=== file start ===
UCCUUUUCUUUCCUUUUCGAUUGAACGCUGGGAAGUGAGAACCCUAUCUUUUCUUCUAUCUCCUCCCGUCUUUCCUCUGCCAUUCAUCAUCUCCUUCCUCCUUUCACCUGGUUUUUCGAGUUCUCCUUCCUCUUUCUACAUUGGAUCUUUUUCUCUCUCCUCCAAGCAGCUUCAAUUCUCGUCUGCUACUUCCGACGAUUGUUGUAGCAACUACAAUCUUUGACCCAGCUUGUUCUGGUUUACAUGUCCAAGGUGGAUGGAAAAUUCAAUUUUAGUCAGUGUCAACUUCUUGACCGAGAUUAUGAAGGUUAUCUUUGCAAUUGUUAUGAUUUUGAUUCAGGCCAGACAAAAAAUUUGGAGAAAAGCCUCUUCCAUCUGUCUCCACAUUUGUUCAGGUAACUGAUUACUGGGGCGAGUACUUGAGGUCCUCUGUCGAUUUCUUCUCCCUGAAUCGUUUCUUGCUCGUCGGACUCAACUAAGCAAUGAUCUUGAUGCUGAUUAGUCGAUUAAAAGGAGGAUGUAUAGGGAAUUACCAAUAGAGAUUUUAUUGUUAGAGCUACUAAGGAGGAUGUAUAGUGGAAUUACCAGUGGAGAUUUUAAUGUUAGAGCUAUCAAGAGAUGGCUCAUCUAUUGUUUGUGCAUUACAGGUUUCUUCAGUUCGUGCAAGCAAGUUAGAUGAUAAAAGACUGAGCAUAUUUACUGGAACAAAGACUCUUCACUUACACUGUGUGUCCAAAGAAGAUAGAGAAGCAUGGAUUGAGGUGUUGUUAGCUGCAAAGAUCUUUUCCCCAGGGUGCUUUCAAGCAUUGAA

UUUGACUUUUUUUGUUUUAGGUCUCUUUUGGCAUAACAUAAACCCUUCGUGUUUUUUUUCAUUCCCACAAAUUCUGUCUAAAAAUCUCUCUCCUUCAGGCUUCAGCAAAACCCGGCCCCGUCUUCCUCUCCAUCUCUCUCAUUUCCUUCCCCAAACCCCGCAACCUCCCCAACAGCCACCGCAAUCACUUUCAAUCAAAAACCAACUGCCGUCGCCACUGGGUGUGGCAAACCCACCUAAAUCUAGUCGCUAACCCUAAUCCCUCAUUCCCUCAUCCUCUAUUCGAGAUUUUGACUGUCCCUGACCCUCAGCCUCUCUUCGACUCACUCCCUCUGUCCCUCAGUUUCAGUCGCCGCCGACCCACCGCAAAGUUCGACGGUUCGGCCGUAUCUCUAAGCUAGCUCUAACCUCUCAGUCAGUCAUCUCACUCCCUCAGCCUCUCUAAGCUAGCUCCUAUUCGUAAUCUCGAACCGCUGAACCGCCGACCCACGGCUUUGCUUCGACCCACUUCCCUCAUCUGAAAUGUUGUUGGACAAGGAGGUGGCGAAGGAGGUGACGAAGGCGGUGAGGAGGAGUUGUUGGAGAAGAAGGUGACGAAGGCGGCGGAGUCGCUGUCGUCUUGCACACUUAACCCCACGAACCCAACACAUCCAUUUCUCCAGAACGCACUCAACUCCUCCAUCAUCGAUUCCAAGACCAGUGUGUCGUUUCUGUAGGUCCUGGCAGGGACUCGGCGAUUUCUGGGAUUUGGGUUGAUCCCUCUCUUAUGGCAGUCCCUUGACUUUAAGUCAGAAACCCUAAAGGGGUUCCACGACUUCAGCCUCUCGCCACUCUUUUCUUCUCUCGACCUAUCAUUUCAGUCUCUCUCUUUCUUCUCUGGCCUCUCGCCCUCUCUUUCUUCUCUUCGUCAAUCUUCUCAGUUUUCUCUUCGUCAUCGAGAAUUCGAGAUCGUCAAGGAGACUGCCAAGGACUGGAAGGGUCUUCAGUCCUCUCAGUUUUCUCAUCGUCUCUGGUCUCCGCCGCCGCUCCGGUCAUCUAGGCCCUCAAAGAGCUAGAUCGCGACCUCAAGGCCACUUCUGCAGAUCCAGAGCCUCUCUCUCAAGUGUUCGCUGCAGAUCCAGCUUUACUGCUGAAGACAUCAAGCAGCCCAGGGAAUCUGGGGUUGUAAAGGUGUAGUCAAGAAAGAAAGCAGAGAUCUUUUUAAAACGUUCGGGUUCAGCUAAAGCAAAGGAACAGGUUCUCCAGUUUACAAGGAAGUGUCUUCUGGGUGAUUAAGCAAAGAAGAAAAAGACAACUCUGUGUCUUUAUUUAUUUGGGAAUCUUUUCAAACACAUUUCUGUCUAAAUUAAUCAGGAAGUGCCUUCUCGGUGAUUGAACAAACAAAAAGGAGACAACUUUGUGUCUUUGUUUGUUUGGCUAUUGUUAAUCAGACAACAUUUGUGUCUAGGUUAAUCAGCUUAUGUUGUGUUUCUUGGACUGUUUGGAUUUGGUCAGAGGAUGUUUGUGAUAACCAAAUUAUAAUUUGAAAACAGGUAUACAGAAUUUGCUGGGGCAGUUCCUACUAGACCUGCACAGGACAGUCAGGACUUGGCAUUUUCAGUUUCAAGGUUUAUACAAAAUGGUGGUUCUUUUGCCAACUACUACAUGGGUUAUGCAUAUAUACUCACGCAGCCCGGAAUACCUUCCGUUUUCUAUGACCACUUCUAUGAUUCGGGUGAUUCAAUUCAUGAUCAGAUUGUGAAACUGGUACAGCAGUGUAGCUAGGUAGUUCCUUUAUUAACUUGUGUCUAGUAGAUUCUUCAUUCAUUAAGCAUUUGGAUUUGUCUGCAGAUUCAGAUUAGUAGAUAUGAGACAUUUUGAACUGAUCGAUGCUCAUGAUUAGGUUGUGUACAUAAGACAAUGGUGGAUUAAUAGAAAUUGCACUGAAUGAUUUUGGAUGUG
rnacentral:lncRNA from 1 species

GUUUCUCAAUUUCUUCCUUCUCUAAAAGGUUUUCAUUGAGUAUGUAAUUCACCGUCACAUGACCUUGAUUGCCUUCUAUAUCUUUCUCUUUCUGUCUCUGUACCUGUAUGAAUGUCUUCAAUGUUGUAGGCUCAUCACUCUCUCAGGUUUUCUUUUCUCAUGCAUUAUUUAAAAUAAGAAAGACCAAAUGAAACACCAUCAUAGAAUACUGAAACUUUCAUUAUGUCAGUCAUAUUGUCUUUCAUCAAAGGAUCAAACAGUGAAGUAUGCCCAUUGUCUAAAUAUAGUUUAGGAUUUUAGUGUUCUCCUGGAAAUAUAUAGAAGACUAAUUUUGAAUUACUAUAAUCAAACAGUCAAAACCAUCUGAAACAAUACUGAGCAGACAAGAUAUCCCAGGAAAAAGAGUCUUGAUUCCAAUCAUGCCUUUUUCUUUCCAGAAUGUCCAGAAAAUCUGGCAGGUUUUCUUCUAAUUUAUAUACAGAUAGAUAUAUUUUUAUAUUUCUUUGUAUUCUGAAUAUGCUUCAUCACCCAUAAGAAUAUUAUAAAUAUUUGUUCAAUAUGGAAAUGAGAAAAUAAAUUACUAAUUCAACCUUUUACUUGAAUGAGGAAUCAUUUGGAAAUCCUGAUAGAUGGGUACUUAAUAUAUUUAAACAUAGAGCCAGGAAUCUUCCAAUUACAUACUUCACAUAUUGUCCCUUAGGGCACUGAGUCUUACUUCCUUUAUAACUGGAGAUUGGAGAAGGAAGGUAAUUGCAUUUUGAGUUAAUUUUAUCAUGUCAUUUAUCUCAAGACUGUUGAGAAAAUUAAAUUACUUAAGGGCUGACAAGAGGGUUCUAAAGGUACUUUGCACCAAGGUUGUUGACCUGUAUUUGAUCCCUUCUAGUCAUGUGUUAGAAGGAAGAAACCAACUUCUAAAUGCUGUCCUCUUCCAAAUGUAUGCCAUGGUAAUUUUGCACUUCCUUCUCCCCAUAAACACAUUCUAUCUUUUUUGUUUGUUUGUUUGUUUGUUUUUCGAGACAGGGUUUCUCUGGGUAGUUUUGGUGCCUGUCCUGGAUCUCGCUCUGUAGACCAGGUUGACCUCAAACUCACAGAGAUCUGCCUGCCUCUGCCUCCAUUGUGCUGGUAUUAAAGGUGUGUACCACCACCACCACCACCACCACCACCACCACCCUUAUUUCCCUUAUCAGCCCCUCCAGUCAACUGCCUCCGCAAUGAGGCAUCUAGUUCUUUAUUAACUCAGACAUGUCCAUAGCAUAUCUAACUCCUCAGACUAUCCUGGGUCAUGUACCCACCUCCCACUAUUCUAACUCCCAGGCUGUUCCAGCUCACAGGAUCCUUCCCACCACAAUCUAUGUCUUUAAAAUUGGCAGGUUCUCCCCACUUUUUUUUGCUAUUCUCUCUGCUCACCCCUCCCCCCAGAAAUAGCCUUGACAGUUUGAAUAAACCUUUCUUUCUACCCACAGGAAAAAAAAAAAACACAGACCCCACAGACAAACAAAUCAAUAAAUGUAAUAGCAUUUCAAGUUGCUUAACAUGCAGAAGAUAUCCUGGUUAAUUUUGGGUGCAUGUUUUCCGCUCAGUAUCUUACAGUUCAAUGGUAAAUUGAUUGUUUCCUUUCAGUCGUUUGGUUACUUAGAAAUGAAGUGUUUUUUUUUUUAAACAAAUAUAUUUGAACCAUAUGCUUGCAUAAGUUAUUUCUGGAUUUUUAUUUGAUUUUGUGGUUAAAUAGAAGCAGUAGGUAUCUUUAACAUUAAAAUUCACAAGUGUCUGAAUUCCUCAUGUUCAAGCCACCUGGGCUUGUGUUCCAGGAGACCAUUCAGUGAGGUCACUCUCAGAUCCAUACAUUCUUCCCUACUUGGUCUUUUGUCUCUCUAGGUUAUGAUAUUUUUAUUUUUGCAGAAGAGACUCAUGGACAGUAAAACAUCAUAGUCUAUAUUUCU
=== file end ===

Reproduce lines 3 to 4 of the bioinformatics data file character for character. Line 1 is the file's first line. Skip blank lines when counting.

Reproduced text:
rnacentral:lncRNA from 1 species

GUUUCUCAAUUUCUUCCUUCUCUAAAAGGUUUUCAUUGAGUAUGUAAUUCACCGUCACAUGACCUUGAUUGCCUUCUAUAUCUUUCUCUUUCUGUCUCUGUACCUGUAUGAAUGUCUUCAAUGUUGUAGGCUCAUCACUCUCUCAGGUUUUCUUUUCUCAUGCAUUAUUUAAAAUAAGAAAGACCAAAUGAAACACCAUCAUAGAAUACUGAAACUUUCAUUAUGUCAGUCAUAUUGUCUUUCAUCAAAGGAUCAAACAGUGAAGUAUGCCCAUUGUCUAAAUAUAGUUUAGGAUUUUAGUGUUCUCCUGGAAAUAUAUAGAAGACUAAUUUUGAAUUACUAUAAUCAAACAGUCAAAACCAUCUGAAACAAUACUGAGCAGACAAGAUAUCCCAGGAAAAAGAGUCUUGAUUCCAAUCAUGCCUUUUUCUUUCCAGAAUGUCCAGAAAAUCUGGCAGGUUUUCUUCUAAUUUAUAUACAGAUAGAUAUAUUUUUAUAUUUCUUUGUAUUCUGAAUAUGCUUCAUCACCCAUAAGAAUAUUAUAAAUAUUUGUUCAAUAUGGAAAUGAGAAAAUAAAUUACUAAUUCAACCUUUUACUUGAAUGAGGAAUCAUUUGGAAAUCCUGAUAGAUGGGUACUUAAUAUAUUUAAACAUAGAGCCAGGAAUCUUCCAAUUACAUACUUCACAUAUUGUCCCUUAGGGCACUGAGUCUUACUUCCUUUAUAACUGGAGAUUGGAGAAGGAAGGUAAUUGCAUUUUGAGUUAAUUUUAUCAUGUCAUUUAUCUCAAGACUGUUGAGAAAAUUAAAUUACUUAAGGGCUGACAAGAGGGUUCUAAAGGUACUUUGCACCAAGGUUGUUGACCUGUAUUUGAUCCCUUCUAGUCAUGUGUUAGAAGGAAGAAACCAACUUCUAAAUGCUGUCCUCUUCCAAAUGUAUGCCAUGGUAAUUUUGCACUUCCUUCUCCCCAUAAACACAUUCUAUCUUUUUUGUUUGUUUGUUUGUUUGUUUUUCGAGACAGGGUUUCUCUGGGUAGUUUUGGUGCCUGUCCUGGAUCUCGCUCUGUAGACCAGGUUGACCUCAAACUCACAGAGAUCUGCCUGCCUCUGCCUCCAUUGUGCUGGUAUUAAAGGUGUGUACCACCACCACCACCACCACCACCACCACCACCCUUAUUUCCCUUAUCAGCCCCUCCAGUCAACUGCCUCCGCAAUGAGGCAUCUAGUUCUUUAUUAACUCAGACAUGUCCAUAGCAUAUCUAACUCCUCAGACUAUCCUGGGUCAUGUACCCACCUCCCACUAUUCUAACUCCCAGGCUGUUCCAGCUCACAGGAUCCUUCCCACCACAAUCUAUGUCUUUAAAAUUGGCAGGUUCUCCCCACUUUUUUUUGCUAUUCUCUCUGCUCACCCCUCCCCCCAGAAAUAGCCUUGACAGUUUGAAUAAACCUUUCUUUCUACCCACAGGAAAAAAAAAAAACACAGACCCCACAGACAAACAAAUCAAUAAAUGUAAUAGCAUUUCAAGUUGCUUAACAUGCAGAAGAUAUCCUGGUUAAUUUUGGGUGCAUGUUUUCCGCUCAGUAUCUUACAGUUCAAUGGUAAAUUGAUUGUUUCCUUUCAGUCGUUUGGUUACUUAGAAAUGAAGUGUUUUUUUUUUUAAACAAAUAUAUUUGAACCAUAUGCUUGCAUAAGUUAUUUCUGGAUUUUUAUUUGAUUUUGUGGUUAAAUAGAAGCAGUAGGUAUCUUUAACAUUAAAAUUCACAAGUGUCUGAAUUCCUCAUGUUCAAGCCACCUGGGCUUGUGUUCCAGGAGACCAUUCAGUGAGGUCACUCUCAGAUCCAUACAUUCUUCCCUACUUGGUCUUUUGUCUCUCUAGGUUAUGAUAUUUUUAUUUUUGCAGAAGAGACUCAUGGACAGUAAAACAUCAUAGUCUAUAUUUCU